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From The Socialist newspaper, 19 October 2016

Black History Month

The radical life of Paul Robeson

Fighting racism and capitalism with solidarity, socialism and song

Paul Robeson in the 1930s photo Wikimedia Commons

Paul Robeson in the 1930s photo Wikimedia Commons   (Click to enlarge)

Scott Jones

"The artist must take sides. He must elect to fight for freedom or slavery. I have made my choice. I had no alternative," were the words of Paul Robeson 80 years ago, when speaking in solidarity with workers fighting fascism in Spain.

It was wondering who the "giant man with a heavenly voice" was in the Manic Street Preacher's song 'Let Robeson Sing', which led me to discover the life of Paul Robeson. And a giant he was.

An actor who starred on Broadway, a talented college American football player, a brilliant singer - and a socialist and civil rights campaigner at a time when Malcom X and Martin Luther King were just children.

It was as a lawyer that he first tried to make a career, until he encountered such extreme racism that he turned to acting. He soon landed a role in 'All God's Chillun Got Wings' by socialist playwright Eugene O'Neill. By the 1930s Robeson was at the height of his fame, regularly appearing on Broadway and touring Europe which included a short period living in London.

It was during his travels in Europe that Robeson became a socialist.

Welsh miners

In 1929, when walking in London, he heard the rich sound of a Welsh miners' choir. They were unemployed due to the Great Depression, and had walked to London to petition the government for help.

Robeson joined the miners, humming along with them. He later raised money to pay for their journey back to Wales and buy food and clothing for the miners of the Rhondda Valley and their families. That year he also contributed the proceeds of one of his concerts to the Miners' Relief Fund, and visited Wales in person to sing for and talk to the miners.

During this time he also visited the Soviet Union. On a stopover in Berlin on the way, he was appalled by the Nazis and their racism, which he later contrasted with the acceptance and irrelevance of his race he encountered in Moscow.

Touched by the solidarity and struggle of the South Wales working class, and in opposition to fascism, Robeson threw himself into the struggle against fascism during the Spanish Civil War.

He used his performances to advocate the cause of the Spanish Republic, and even travelled to Spain to visit the battlefront, all against the advice of his agent. Robeson decided events trumped commercialism.

The culmination of his solidarity with the workers of South Wales came in 1940 when he starred in 'The Proud Valley', a picture filmed in the heart of the Valleys. It told the story of David Goliath, played by Robeson, a black American miner and singer who gets a job in a Welsh pit and joins a male voice choir.

It documents the harsh realities of coal miners' lives, which Goliath shares. He becomes a hero as he helps to better their working conditions, and ultimately, during a mining accident, sacrifices himself to save fellow miners.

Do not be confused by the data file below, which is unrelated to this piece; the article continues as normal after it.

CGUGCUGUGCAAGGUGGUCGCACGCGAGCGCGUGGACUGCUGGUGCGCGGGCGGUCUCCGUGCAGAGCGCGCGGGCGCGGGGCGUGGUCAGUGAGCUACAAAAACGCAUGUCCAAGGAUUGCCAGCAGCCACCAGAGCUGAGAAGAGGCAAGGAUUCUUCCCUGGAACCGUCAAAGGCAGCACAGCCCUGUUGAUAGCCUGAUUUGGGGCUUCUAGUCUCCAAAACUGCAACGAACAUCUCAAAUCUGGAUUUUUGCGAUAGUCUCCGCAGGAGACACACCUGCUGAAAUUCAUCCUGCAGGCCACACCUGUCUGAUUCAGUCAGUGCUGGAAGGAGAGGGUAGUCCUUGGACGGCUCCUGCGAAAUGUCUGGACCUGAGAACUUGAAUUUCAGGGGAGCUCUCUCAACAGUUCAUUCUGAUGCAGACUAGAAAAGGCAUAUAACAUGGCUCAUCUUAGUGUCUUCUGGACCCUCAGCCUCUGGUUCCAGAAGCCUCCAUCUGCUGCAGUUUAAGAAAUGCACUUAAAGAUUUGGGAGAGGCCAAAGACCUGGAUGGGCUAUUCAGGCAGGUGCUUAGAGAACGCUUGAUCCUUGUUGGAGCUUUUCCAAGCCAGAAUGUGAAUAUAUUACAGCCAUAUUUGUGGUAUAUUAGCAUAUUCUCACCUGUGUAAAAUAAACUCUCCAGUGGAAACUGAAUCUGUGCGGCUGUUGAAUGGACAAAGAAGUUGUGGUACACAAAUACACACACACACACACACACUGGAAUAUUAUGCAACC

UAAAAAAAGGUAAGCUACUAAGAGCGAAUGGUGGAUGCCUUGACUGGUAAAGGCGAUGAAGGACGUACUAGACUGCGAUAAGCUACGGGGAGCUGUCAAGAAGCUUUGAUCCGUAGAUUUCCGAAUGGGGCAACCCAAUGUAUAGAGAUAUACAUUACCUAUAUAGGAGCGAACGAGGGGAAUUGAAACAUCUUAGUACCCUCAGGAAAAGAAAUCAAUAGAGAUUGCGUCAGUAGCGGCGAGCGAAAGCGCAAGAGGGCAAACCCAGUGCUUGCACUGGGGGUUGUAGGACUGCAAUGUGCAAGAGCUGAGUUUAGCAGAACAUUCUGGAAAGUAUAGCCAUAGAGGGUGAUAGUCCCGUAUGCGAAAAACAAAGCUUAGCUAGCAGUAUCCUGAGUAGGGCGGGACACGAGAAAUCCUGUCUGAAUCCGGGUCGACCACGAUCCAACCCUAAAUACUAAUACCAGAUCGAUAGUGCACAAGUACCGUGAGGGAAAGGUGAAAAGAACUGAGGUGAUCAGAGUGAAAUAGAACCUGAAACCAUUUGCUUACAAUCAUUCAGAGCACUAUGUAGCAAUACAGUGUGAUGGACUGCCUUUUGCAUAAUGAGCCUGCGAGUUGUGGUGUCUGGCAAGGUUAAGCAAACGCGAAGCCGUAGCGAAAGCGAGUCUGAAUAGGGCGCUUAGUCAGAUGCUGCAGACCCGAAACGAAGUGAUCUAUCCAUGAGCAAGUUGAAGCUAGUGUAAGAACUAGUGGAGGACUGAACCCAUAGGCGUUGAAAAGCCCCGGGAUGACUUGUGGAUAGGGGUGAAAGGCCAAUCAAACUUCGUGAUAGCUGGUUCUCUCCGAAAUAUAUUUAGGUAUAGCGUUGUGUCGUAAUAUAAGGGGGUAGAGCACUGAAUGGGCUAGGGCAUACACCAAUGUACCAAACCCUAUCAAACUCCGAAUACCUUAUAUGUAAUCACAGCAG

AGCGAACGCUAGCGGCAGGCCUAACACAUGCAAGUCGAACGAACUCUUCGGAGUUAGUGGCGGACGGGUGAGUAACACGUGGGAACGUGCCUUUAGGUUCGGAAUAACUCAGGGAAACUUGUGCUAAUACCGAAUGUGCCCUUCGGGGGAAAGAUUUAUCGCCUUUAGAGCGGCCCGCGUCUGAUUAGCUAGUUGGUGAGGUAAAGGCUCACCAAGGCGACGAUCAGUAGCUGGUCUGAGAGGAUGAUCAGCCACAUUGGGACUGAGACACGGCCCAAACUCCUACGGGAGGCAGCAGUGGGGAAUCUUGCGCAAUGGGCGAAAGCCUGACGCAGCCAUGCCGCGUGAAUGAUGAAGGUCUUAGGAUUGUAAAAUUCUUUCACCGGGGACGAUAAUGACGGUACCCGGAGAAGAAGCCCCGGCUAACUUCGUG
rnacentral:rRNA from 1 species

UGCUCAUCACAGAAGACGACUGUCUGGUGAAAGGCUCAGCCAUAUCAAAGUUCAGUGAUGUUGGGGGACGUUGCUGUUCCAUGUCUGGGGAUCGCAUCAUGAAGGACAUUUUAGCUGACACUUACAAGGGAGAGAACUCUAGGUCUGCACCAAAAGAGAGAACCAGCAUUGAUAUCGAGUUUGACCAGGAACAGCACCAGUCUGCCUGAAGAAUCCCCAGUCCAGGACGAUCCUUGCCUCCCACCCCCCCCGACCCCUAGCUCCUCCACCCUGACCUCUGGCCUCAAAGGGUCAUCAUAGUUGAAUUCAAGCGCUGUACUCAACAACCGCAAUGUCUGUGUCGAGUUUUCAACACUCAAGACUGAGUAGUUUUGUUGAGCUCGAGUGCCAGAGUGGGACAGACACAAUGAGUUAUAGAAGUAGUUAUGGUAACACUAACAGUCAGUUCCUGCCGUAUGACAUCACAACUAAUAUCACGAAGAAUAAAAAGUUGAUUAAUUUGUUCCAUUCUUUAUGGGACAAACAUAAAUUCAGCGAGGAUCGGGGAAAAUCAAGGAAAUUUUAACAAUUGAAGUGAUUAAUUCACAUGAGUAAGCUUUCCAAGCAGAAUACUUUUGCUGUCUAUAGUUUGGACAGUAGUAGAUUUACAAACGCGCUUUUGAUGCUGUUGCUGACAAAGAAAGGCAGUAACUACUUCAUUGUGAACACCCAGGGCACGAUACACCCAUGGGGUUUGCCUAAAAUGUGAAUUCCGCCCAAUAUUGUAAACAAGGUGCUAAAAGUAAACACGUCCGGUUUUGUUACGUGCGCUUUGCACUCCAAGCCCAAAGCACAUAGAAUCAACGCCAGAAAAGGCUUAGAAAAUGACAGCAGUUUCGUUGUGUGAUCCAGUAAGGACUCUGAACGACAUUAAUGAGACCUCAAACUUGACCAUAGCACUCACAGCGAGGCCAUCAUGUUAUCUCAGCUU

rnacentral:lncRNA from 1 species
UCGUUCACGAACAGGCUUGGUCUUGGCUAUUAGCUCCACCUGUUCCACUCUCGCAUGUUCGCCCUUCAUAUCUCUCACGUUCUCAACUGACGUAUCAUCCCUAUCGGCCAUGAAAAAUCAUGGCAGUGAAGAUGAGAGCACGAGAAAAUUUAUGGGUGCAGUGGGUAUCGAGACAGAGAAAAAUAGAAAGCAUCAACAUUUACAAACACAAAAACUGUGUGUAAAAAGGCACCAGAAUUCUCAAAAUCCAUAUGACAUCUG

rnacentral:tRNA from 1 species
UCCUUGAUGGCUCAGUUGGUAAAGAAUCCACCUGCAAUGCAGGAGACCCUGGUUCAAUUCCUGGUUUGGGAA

One of the most iconic parts of the film occurs when he encounters racism from a fellow miner who refuses to work alongside a black man. This is quickly challenged by a Welsh miner who leaps to David's defence with the fantastic line: "Damn it, well aren't we all black down the mine?"

Robeson would go on to perform and fight for socialism throughout his life. He championed the civil rights struggle in the 1950s and 1960s. During McCarthyism, like many other socialists and communists, he was blacklisted - and even had his passport taken from him.

Paul Robeson recognised the need to fight racism and fascism with solidarity and socialism. This giant man's lifelong struggle serves as an inspiration as we carry on the same fight today.

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In The Socialist 19 October 2016:

Socialist Party news and analysis

NHS at breaking Point

Teachers working 60 hours need strikes, not studies

Elderly care at crisis point

Health campaigns demonstrate together in 'one fight'

NHS cancer and dementia drugs 'unaffordable'

Them & Us

What we think

No backtracks, no compromises: we must fight for real democracy in the Labour Party

TUSC discusses new tasks after Corbyn victory

Workplace news and analysis

Sheffield bin striker slams privatised refuse bosses

Newsquest strike: Bosses realise 'contraints' of scab labour

London Underground cleaners protest pay cut

Support the 'Kinsley 3' cleaners in pay fight

International socialist news and analysis

Syria: horror deepens in Aleppo

Socialist history

Aberfan: a disaster that should never have happened

Suez 1956: the decline of British imperialism and rise of the colonial revolution

Black History Month

The radical life of Paul Robeson

Socialist Party reports and campaigns

Butterfields housing victory: "We showed that if you stick together and fight you can win"

Come to Socialism 2016

Can you donate to the Socialism 2016 appeal?

Cheshire and Merseyside: Huge NHS cuts and privatisation planned

Devon: Campaigning against community hospitals closures

Bristol: Millions of pounds of "horrifically unpalatable" cuts

Socialist readers' comments and reviews

Moving, funny and inspiring tribute to working class heroism

Film review: Deepwater Horizon

Review: BBC2's Poetry Night

The Socialist inbox


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